Deborah‘s prophecy came true at the hands of Jael.  (When she hammered that tent-peg into the head of Sisera.)  And Wikipedia noted another – “extra-Biblical” – reference to the episode: “And while he was dying, Sisera said to Jael, ‘Behold pain has taken hold of me, Jael, and I die like a woman.’  And Jael said to him, ‘Go, boast before your father in hell and tell him that you have fallen into the hands of a woman.'”  (Getting beat by a woman was especially humiliating…)

All of which sounds very modern somehow.  (Considering some current jibes.)

Incidentally, the “Barak” noted above was a “commander in the biblical Book of Judges.”  It was he who – with Deborah the prophetess – “defeated the Canaanite armies led by Sisera.”

Which may turn out to also come under “preordained before the beginning of time…”

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Esther before Ahasuerus, by Artemisia Gentileschi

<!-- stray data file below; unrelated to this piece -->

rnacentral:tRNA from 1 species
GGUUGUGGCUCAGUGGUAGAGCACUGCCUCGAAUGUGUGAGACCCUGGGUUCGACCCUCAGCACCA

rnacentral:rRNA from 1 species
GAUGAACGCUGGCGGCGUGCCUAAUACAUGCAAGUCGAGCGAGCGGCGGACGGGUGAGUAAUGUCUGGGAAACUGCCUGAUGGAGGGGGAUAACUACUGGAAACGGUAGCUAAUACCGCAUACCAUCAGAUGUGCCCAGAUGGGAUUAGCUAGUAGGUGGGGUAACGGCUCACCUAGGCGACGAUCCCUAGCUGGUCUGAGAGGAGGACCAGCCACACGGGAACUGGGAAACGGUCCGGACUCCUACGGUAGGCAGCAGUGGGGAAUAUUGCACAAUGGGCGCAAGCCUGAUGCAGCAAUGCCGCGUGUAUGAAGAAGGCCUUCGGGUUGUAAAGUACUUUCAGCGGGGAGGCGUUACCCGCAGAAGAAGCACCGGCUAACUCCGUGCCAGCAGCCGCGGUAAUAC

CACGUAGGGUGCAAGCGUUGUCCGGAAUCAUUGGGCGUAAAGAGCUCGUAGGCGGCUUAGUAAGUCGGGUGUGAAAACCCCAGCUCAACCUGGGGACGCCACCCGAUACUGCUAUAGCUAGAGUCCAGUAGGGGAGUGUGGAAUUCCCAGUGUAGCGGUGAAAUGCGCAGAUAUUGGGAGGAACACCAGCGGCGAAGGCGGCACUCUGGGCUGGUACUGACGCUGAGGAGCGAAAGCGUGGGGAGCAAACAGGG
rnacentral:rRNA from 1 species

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The upper image is courtesy of Massimo Stanzione | Judith with the Head of Holofernes, from the website for the Metropolitan Museum of Art – Wikipedia, the free encyclopedia.  See also Favourite Paintings – Massimo Stanzione’s ‘Judith with the head of Holofernes:

The head of Holofernes lies with an expression almost of sleep.  A divine light catches Judith’s face, confirming the righteousness of her deed…  I suppose what I like about this picture, and what’s so eye-catching, are the colors and the big, beautiful  rhythms of the composition.  It jumps off the wall at you and captivates you.  Judith’s dress is composed of big triangles of red, blue and yellow ochre, and the directions and movement of this drapery sweeps your eye around the painting…